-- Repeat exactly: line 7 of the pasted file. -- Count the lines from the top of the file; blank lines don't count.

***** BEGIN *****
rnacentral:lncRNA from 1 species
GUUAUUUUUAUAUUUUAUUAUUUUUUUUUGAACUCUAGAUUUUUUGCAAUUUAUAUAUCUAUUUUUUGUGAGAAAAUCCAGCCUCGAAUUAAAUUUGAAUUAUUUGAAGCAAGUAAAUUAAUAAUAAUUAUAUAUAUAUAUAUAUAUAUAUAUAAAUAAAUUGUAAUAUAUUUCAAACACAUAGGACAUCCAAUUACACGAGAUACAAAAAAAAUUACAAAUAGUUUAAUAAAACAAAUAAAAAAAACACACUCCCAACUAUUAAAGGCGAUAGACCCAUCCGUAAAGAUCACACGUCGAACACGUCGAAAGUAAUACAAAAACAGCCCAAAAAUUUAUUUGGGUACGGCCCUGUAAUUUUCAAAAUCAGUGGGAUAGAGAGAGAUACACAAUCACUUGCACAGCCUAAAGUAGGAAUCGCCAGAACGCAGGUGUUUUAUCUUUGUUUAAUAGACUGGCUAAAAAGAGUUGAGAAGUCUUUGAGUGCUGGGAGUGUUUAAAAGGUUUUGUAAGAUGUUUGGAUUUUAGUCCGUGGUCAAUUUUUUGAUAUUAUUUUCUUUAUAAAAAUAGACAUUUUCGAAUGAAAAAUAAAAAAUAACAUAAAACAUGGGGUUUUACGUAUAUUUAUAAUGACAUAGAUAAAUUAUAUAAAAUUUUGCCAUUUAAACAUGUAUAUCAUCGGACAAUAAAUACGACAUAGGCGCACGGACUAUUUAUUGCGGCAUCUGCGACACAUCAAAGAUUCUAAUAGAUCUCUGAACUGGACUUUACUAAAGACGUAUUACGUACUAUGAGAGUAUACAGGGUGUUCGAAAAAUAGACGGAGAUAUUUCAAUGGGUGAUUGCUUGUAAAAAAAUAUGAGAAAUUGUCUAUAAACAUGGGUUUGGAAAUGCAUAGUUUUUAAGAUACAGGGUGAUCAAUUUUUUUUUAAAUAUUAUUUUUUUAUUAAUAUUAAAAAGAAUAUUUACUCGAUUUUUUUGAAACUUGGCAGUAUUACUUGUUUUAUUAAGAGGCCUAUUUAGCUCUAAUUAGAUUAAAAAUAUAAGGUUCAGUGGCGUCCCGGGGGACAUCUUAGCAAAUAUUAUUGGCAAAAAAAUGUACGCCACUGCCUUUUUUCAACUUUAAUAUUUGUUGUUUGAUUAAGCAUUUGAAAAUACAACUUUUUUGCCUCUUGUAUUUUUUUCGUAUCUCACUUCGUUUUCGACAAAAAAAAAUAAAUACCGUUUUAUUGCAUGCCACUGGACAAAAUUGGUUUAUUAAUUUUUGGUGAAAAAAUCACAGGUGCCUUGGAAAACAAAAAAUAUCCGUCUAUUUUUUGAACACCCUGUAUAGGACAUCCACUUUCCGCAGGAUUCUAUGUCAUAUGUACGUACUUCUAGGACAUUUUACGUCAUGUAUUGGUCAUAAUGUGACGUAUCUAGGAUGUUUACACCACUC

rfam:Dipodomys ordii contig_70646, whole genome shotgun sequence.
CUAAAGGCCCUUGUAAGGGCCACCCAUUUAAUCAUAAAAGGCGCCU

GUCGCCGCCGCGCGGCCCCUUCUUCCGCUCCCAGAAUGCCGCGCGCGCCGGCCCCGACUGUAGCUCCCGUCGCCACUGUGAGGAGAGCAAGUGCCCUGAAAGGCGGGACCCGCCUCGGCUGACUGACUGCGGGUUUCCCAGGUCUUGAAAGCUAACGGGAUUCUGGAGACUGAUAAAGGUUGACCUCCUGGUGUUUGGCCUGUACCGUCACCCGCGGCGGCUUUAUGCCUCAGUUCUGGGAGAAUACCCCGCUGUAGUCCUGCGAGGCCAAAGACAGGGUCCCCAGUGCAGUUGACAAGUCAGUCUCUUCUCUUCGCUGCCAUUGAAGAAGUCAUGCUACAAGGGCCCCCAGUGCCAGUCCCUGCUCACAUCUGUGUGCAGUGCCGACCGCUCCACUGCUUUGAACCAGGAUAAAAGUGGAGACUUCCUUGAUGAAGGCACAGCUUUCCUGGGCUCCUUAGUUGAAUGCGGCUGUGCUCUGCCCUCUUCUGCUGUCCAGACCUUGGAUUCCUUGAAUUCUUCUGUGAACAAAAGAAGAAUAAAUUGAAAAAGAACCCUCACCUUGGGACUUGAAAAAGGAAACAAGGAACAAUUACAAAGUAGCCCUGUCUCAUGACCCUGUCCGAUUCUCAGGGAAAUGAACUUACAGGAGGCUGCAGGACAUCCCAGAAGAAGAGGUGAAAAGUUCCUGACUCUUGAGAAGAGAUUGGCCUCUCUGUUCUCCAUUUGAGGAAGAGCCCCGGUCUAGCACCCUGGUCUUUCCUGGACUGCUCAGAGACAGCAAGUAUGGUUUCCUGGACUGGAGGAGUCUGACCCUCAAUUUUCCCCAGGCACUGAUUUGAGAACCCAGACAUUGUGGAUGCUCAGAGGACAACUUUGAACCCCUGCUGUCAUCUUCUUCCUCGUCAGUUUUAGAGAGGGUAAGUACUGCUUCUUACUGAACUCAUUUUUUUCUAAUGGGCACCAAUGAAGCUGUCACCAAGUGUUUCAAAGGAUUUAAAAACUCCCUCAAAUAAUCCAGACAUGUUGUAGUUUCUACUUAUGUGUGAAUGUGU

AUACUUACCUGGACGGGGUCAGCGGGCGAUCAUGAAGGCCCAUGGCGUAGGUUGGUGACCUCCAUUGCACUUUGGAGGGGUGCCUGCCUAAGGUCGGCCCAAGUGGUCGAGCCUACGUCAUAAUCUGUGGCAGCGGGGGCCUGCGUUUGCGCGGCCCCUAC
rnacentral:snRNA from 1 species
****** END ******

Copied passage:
rnacentral:snRNA from 1 species